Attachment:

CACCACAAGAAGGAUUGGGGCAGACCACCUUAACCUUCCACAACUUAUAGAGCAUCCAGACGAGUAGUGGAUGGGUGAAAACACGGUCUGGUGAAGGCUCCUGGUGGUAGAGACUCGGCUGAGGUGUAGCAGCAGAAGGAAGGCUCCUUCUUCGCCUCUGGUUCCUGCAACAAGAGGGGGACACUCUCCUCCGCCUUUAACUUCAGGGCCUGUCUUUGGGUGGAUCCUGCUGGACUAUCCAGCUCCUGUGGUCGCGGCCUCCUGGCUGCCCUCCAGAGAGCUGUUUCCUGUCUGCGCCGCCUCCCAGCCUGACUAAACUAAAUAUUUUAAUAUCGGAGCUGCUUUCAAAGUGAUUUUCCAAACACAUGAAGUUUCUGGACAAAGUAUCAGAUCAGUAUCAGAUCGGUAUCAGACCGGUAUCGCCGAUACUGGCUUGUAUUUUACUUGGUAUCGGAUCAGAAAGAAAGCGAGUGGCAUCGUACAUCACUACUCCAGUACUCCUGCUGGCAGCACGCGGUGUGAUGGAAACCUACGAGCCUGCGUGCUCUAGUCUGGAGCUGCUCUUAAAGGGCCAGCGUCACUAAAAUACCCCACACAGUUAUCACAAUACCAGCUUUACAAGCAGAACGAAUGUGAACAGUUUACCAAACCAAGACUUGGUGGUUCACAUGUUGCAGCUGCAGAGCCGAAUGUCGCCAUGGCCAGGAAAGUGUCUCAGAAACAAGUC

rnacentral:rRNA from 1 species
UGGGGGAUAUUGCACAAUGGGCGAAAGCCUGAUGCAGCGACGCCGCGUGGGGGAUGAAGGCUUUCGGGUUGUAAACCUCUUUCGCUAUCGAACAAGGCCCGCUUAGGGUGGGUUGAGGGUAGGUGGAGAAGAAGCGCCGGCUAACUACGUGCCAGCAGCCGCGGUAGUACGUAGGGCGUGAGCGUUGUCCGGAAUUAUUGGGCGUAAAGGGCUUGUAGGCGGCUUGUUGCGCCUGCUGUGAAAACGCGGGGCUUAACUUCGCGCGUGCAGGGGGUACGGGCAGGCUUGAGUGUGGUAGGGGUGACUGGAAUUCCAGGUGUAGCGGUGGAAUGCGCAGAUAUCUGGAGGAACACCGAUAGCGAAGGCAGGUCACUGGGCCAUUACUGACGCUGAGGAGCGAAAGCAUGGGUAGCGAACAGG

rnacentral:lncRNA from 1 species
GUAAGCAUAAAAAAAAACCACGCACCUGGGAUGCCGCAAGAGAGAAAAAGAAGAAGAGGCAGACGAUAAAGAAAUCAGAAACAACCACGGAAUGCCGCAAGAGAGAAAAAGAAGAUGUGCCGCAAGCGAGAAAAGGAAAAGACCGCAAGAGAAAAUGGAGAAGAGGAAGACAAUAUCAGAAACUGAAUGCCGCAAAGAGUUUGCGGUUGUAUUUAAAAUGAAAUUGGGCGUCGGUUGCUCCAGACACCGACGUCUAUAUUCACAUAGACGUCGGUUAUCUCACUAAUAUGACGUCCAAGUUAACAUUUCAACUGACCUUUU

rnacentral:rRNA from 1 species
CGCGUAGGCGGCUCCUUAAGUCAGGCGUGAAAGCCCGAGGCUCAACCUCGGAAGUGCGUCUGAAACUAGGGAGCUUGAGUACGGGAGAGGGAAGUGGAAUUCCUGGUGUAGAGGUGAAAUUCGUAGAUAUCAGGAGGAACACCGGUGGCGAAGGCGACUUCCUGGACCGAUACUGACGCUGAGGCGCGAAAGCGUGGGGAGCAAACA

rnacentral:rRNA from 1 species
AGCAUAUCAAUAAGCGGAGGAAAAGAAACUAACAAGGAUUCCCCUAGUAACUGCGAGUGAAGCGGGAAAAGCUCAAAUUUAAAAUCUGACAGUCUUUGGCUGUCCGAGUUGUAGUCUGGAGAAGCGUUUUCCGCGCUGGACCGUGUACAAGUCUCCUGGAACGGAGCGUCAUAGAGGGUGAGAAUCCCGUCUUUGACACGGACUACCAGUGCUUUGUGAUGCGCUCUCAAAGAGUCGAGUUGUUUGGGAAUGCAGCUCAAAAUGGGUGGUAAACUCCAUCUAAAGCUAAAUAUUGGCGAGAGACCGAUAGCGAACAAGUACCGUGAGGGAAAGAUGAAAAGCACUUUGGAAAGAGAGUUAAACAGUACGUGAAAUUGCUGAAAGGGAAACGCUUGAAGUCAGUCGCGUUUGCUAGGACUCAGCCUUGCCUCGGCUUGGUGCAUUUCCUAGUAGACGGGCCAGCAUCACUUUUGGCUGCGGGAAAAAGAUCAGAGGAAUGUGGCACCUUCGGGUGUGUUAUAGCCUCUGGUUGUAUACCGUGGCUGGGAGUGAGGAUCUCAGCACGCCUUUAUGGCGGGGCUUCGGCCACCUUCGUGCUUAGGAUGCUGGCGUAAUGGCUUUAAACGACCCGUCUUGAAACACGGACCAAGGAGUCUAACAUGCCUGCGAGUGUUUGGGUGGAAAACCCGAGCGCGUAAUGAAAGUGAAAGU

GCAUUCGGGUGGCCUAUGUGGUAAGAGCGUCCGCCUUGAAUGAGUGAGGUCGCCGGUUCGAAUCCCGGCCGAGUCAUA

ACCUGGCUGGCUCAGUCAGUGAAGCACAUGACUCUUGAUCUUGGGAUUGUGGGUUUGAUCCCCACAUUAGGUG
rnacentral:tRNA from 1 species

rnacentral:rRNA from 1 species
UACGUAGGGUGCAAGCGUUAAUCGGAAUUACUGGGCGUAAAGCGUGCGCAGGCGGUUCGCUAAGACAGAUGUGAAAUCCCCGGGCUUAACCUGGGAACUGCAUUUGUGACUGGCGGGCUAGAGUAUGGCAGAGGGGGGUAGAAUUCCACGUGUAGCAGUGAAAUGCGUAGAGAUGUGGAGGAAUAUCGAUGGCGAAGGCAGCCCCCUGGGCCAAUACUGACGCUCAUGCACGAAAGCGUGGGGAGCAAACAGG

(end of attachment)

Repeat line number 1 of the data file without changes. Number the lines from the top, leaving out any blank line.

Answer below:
CACCACAAGAAGGAUUGGGGCAGACCACCUUAACCUUCCACAACUUAUAGAGCAUCCAGACGAGUAGUGGAUGGGUGAAAACACGGUCUGGUGAAGGCUCCUGGUGGUAGAGACUCGGCUGAGGUGUAGCAGCAGAAGGAAGGCUCCUUCUUCGCCUCUGGUUCCUGCAACAAGAGGGGGACACUCUCCUCCGCCUUUAACUUCAGGGCCUGUCUUUGGGUGGAUCCUGCUGGACUAUCCAGCUCCUGUGGUCGCGGCCUCCUGGCUGCCCUCCAGAGAGCUGUUUCCUGUCUGCGCCGCCUCCCAGCCUGACUAAACUAAAUAUUUUAAUAUCGGAGCUGCUUUCAAAGUGAUUUUCCAAACACAUGAAGUUUCUGGACAAAGUAUCAGAUCAGUAUCAGAUCGGUAUCAGACCGGUAUCGCCGAUACUGGCUUGUAUUUUACUUGGUAUCGGAUCAGAAAGAAAGCGAGUGGCAUCGUACAUCACUACUCCAGUACUCCUGCUGGCAGCACGCGGUGUGAUGGAAACCUACGAGCCUGCGUGCUCUAGUCUGGAGCUGCUCUUAAAGGGCCAGCGUCACUAAAAUACCCCACACAGUUAUCACAAUACCAGCUUUACAAGCAGAACGAAUGUGAACAGUUUACCAAACCAAGACUUGGUGGUUCACAUGUUGCAGCUGCAGAGCCGAAUGUCGCCAUGGCCAGGAAAGUGUCUCAGAAACAAGUC